The remarkable thing about China's late discovery of iron and its uses is the very rapid introduction of the technology of smelting and casting. By the 4th Century BC, China was already producing cast iron. Sometime during the Han Dynasty (206 BC-220 AD), cast iron pots, the woks ancestors, became standard cooking implements. In Europe, cast iron was not produced until late in the 14th century, and then only in very limited quantities: large-scale production did not occur until the 18th century. Cast Iron pots were among the first items that European iron masters produced but not until the 1700's did such pots appear generally in European kitchens.
Nor did the wok suddenly appear full-blown out of the head of some Chinese iron master. The first cast iron pots were on the order of cauldrons and large pans. Examples of such pots have been recovered from Han Dynasty tombs, among other places. No doubt the limitations of the then existing technology prescribed such sizes. The cauldrons (fu, in Chinese) were about 20 cm high with a rounded or flat bottom, and a curving globular body that narrowed toward the neck and lip. Some had two looped handles, one on either side just above the middle of the belly. Burn marks and soot remains indicate that the cauldrons were indeed functioning cooking tools. One such pot was discovered resting on a three-legged fire stand; another contained a clay pot (zetig) used for steaming.
These examples of the wok's predecessors are rare finds. Cast iron pots were expensive and only the wealthy could afford to have them (and the even more expensive bronze pots) In their kitchens. The common people still relied solely on earthenware cooking utensils.
However, over the next few centuries the iron master technology improved and the afford ability of the wok was greatly enhanced. The production of great numbers of cauldrons continued. In the Beijing (Peking) area, we have discovered six-handled pots with very wide rims. One example is 32 cm high, 51 cm across the rim, and 67 cm at the widest part of the body. These finds date from between the 10th and 14th centuries. A famous 14th century book, Work on Agriculture (Nong Shu), includes a line drawing of the six-handled pot. It gives us a very good idea of what these cauldrons looked like.
Another type of early wok came in various smaller sizes and was equipped with double handles, one on either side of the rim. Such examples, although quite large in size, resemble many of today's smaller implements. Burn marks and soot residues show that these pots were used for cooking. Given the size of most of them, it seems clear that they were used to cook noodles and other pastas to be consumed by large groups of people, perhaps in monasteries, noble houses, or village communal kitchens. Six handles would seem to demand at least three adult handlers. Incidentally, boiling and steaming are the two oldest and most used techniques in traditional Chinese cookery. The perfection of the modern wok allowed for the new technique of stir-frying, which elevated Chinese cookery to even higher levels of delectation.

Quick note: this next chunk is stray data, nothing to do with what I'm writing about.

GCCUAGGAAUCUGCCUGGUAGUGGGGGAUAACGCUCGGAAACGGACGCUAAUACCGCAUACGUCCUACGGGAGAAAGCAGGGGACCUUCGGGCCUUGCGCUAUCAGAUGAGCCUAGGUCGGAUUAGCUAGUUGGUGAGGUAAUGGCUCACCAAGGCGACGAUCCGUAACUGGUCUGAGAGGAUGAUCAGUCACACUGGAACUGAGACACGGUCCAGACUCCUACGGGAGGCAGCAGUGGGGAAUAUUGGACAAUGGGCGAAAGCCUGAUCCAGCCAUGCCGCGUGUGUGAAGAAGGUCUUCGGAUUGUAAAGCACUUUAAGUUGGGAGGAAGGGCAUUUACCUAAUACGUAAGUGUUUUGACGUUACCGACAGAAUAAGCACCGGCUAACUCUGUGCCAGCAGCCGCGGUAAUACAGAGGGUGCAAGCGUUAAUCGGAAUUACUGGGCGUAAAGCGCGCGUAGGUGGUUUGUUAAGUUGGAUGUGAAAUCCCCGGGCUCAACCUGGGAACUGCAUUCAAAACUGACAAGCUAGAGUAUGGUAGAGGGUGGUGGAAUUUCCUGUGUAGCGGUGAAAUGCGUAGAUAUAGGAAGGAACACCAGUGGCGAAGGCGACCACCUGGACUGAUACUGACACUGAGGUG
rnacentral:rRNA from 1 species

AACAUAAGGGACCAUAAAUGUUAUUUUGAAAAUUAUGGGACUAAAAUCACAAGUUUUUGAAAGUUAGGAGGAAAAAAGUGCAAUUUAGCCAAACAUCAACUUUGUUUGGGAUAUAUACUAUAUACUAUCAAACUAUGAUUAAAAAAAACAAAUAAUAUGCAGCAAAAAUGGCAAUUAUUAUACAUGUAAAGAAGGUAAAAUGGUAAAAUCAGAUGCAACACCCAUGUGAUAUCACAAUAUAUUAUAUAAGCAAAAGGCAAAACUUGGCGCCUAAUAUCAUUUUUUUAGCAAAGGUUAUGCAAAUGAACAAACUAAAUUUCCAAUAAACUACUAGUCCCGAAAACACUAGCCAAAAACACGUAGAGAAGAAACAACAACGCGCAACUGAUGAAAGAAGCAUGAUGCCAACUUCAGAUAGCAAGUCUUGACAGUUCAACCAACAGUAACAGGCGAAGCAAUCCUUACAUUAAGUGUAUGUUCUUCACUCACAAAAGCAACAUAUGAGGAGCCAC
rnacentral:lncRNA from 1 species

Another type of pot from the period is the rather shallow, flat-bottomed, double-handled pan, with three legs to allow room for the cooking fuel underneath. The double-handed pots and three-legged pans were flat-bottomed and thus no doubt used for sauteing and frying.
These innovations in pot ware proceeded the rapid expansion of smaller cast iron woks that began to be common implements in Chinese kitchens by the 16th century. Together with improvements in farming and fishing techniques, and with the new types and greater amounts of foods and ingredients available to Chinese cooks, the wok was instrumental in bringing Chinese cookery to its classical status.
We know that as long ago as midway through the Chou Dynasty (12th century BC to 221 BC), rice was the principle food of south and central China, while millet served as the staple grain in the north. These grains were invariably cooked rather than being milled and turned into flour for pastas or baking. They accompanied or were added to soups and stews, the cooks using whatever other resources were available, such as meat, fish, vegetables, and seafood. Boiling and steaming were the common cookery techniques, with braising, frying, and roasting employed only occasionally. Stir-frying was noticeable by its absence.
Such simple foods, rather heavy but sustaining and nutritious, required simple utensils. Clay or ceramic pots, a rare bronze cauldron, these were the usual implements. There were three main types of pots in use for boiling and simmering (ting, li, hu) and three for steaming (hsien, tseng, fu). One type of pot would often sit upon another in the steaming “double boiler” process. The evidence indicates that these boiling and steaming designs have not changed very much over the past two thousand years.
Grains, vegetables, meat broths and stews remained the most common dishes during the Han period (206 50-220 AD). However, we know that the variety and amounts of available foodstuffs had increased significantly by the end of that dynasty. There is also much evidence to indicate a more sophisticated and discriminating taste, at least among the wealthier classes. Tombs of the Han period include paintings and sculptures of cooking pots, an indication that how one ate had become an important social distinction. Most of the cooking implements depicted are of cauldron size. Some stand on their own "fire legs;" others are made to rest on trivets or to fit into the openings of primitive stoves called “fire benches.” Many have handles, some have lips as well, and all appear to have tight-fitting lids.